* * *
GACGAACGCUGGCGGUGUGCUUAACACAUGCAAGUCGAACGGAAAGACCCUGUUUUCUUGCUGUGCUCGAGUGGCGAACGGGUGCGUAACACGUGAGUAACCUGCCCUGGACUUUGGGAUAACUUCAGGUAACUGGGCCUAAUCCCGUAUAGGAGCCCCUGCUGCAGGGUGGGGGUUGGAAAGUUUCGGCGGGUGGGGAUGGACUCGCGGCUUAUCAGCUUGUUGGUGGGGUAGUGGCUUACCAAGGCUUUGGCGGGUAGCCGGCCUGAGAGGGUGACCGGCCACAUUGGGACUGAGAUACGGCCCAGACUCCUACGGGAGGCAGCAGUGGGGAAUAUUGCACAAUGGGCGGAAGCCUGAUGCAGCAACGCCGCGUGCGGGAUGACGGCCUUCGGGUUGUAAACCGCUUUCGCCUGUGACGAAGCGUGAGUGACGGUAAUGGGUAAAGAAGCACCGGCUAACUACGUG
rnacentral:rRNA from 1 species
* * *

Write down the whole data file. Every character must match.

GACGAACGCUGGCGGUGUGCUUAACACAUGCAAGUCGAACGGAAAGACCCUGUUUUCUUGCUGUGCUCGAGUGGCGAACGGGUGCGUAACACGUGAGUAACCUGCCCUGGACUUUGGGAUAACUUCAGGUAACUGGGCCUAAUCCCGUAUAGGAGCCCCUGCUGCAGGGUGGGGGUUGGAAAGUUUCGGCGGGUGGGGAUGGACUCGCGGCUUAUCAGCUUGUUGGUGGGGUAGUGGCUUACCAAGGCUUUGGCGGGUAGCCGGCCUGAGAGGGUGACCGGCCACAUUGGGACUGAGAUACGGCCCAGACUCCUACGGGAGGCAGCAGUGGGGAAUAUUGCACAAUGGGCGGAAGCCUGAUGCAGCAACGCCGCGUGCGGGAUGACGGCCUUCGGGUUGUAAACCGCUUUCGCCUGUGACGAAGCGUGAGUGACGGUAAUGGGUAAAGAAGCACCGGCUAACUACGUG
rnacentral:rRNA from 1 species